The Zen Manifesto ~ 01

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event type discourse & meditation
date & time 20 Feb 1989 pm
location Gautam the Buddha Auditorium, Pune
language English
audio Available, duration 3h 37min. Quality: good.
Osho leading meditation from 3:09:55.
Live music after the discourse.
online audio
video Available, duration 3h 39min. Quality: good, but a strong constant audio-noise, video-noise at bottom of screen. Incomplete: missing some 25 words between part 1 and 2 (under revision).
online video
see also
online text find the PDF of this discourse
shorttitle ZENMAN01
Reader of the sutra: Ma Prem Maneesha. Questions are being read by Osho himself.
After discourse Osho leads No-Mind Meditation.
The sutra:
When Tenjiku was asked about the incident of Tanka burning the statue, he replied, "When it is cold we gather around the hearth by the fire."
"Was he wrong or not?" persisted the monk.
"When it is hot we sit in a bamboo forest in the valley," said Tenjiku.
The day after the burning of the statue, Tanka Tennen went to see Nan-yo, who had once been a disciple of Eno and was the emperor's Zen master. When Tanka unrolled his zazen rug, Nan-yo said, "There's no need."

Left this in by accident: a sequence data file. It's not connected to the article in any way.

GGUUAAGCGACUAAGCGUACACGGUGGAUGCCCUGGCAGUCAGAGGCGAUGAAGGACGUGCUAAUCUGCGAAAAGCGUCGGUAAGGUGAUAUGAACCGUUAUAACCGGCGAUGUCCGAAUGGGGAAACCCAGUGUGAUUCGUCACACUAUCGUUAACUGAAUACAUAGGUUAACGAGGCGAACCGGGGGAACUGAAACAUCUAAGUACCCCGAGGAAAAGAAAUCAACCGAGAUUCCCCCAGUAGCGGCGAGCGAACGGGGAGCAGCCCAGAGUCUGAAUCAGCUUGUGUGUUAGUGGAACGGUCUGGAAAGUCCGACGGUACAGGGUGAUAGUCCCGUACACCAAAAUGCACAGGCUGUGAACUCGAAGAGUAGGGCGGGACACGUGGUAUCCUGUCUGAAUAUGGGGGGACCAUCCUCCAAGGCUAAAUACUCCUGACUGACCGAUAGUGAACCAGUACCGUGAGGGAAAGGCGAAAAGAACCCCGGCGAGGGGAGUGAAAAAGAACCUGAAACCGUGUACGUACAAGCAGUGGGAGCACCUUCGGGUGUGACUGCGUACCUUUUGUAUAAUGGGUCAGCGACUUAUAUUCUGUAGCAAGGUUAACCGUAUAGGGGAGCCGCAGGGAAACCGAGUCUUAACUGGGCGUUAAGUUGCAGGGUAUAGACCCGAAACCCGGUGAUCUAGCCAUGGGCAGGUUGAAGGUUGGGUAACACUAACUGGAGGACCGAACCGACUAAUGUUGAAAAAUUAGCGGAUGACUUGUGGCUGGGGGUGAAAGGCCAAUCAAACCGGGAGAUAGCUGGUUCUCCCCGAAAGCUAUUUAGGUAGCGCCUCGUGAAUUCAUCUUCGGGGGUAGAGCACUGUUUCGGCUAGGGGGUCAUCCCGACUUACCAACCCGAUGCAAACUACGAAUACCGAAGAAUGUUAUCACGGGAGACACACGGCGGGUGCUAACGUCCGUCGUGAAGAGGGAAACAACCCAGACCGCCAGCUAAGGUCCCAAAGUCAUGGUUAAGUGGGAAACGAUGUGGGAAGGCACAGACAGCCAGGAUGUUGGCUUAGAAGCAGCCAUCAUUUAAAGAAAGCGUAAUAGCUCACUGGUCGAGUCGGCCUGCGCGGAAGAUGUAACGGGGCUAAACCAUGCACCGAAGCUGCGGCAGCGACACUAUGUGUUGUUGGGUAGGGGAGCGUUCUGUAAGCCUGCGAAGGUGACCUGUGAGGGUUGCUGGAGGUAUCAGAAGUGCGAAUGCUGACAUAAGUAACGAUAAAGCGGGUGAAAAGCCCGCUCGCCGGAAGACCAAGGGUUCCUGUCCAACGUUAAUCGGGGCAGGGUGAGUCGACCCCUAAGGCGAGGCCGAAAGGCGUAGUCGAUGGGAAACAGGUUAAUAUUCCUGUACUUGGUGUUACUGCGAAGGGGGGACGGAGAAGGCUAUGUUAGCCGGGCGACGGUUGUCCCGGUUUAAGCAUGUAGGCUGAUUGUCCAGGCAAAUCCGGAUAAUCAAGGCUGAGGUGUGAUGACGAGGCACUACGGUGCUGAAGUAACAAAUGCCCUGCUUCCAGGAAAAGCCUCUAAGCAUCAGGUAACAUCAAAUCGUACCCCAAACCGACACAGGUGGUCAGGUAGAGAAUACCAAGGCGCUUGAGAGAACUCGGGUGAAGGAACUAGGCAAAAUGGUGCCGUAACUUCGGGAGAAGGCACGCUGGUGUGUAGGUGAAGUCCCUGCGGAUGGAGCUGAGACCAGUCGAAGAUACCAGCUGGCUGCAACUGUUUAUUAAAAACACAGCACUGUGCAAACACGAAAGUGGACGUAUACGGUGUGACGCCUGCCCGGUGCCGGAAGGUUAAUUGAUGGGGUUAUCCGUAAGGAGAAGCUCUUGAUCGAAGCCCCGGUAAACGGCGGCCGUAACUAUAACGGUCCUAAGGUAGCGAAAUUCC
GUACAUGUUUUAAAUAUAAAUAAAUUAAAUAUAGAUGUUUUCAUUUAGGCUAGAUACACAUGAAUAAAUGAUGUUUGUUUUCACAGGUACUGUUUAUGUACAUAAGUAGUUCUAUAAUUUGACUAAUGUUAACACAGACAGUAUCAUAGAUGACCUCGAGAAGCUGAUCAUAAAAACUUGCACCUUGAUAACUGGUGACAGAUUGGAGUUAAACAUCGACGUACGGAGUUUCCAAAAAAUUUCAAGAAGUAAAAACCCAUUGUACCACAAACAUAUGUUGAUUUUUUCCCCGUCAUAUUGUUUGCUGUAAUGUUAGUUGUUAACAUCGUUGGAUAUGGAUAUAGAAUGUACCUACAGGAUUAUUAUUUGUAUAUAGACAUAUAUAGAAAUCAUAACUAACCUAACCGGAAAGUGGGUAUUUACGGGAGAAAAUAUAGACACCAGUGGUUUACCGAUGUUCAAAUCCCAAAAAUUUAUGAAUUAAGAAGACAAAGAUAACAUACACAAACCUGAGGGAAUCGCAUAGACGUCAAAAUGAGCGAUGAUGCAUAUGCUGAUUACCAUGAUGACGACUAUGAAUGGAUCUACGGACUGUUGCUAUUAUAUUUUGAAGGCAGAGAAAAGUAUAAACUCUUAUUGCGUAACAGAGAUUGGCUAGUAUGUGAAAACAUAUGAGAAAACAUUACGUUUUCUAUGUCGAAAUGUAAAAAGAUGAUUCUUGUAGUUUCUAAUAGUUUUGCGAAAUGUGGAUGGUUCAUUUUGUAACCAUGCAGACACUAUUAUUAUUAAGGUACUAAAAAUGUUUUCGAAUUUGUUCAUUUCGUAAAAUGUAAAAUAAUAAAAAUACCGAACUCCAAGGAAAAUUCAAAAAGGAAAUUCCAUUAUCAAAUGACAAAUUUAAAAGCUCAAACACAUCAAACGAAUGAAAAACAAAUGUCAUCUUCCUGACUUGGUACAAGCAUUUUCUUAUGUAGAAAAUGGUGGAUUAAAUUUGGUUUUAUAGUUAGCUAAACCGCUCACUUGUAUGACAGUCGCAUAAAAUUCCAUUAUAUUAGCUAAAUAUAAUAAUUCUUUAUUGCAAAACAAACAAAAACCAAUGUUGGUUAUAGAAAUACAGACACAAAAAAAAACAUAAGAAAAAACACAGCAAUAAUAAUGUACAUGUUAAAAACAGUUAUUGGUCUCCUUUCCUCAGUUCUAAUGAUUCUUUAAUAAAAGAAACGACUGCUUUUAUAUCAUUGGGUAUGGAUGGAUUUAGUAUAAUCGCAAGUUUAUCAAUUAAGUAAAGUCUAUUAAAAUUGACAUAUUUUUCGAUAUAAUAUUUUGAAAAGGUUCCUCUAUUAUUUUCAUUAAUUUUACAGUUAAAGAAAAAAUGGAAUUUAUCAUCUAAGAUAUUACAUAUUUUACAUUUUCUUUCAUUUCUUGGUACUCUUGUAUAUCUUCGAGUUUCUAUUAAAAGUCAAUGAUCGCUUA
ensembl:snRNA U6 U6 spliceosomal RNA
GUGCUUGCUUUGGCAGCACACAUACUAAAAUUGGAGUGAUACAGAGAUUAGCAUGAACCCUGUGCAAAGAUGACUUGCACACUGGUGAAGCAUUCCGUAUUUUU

Tanka took a few steps backward.
Nan-yo said, "That's right."
At this, Tanka took a few steps forward.
Nan-yo said, "That's not right."
Tanka walked around Nan-yo one time and left.
Nan-yo commented, "The old, golden days are far away, and people are now so lazy. Thirty years from now, it will be difficult to get hold of this fellow."

Question 1
Why have so many Western intellectuals been drawn to an examination of Zen?
Question 2
D.T. Suzuki, the man who introduced Zen to the Western intelligentsia, said: "Zen must be seized with bare hands, with no gloves on."
Would you like to comment?
Question 3
Beloved Osho, D.T. Suzuki describes two different kinds of "seeing" as denoted by two different Chinese characters.
"K'an" consists of a hand and an eye and means "to watch an object as independent of the spectator" -- objective knowledge.
"The seen and the seeing are two separate entities."
On the other hand, the character "chien" is composed of an eye alone on two outstretched legs, and signifies the pure act of seeing.
Suzuki considers the difference between these two kinds of seeing as "revolutionary in the history of Zen thought."


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